Brain edema is characterized by an excess accumulation of fluid in the intracellular or extracellular spaces of the brain. A vasogenic brain edema arises with the breakdown of the tight endothelial junctions of the blood vessels of the brain, which are part of the blood brain barrier. The breakdown of the endothelial junctions can be caused by a brain injury, cancerous cells, and hypoxia. When proteins and other plasma constituents are able to cross the blood brain barrier, a rapid swelling in the extracellular space occurs. Symptoms of a brain edema depend on the severity and cause of the disorder, and can include headaches, nausea, vision loss, seizures, and a loss of consciousness. There are a variety of treatments that doctors use to reduce a brain edema, including oxygen therapy, medications, and surgery in extreme cases. It is common to have long term effects from a brain edema in terms of both cognitive and physical functions.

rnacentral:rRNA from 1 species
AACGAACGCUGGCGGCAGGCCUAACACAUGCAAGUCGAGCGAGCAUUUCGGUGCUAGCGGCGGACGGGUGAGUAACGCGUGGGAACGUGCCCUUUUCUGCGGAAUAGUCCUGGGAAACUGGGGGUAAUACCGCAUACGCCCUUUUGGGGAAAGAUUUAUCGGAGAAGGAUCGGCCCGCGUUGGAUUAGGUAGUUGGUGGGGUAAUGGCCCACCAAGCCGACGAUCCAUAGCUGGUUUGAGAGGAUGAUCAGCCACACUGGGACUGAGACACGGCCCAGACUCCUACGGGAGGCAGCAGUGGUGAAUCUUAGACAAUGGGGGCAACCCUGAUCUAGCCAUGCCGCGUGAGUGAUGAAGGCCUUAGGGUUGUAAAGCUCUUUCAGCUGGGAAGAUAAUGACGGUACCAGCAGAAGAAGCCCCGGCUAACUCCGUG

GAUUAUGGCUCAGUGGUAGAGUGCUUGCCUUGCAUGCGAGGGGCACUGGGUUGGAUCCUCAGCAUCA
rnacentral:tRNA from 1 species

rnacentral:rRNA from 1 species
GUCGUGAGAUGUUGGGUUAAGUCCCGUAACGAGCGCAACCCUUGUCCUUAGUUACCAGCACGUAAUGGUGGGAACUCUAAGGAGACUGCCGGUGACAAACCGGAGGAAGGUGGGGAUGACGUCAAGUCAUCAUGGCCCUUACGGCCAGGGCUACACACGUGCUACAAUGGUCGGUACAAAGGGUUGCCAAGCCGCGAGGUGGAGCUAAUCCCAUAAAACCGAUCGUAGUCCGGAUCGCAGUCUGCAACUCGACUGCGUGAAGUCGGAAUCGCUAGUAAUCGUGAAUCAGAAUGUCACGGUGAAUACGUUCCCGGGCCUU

Brain Edema, Vasogenic Bioinformatics Tool
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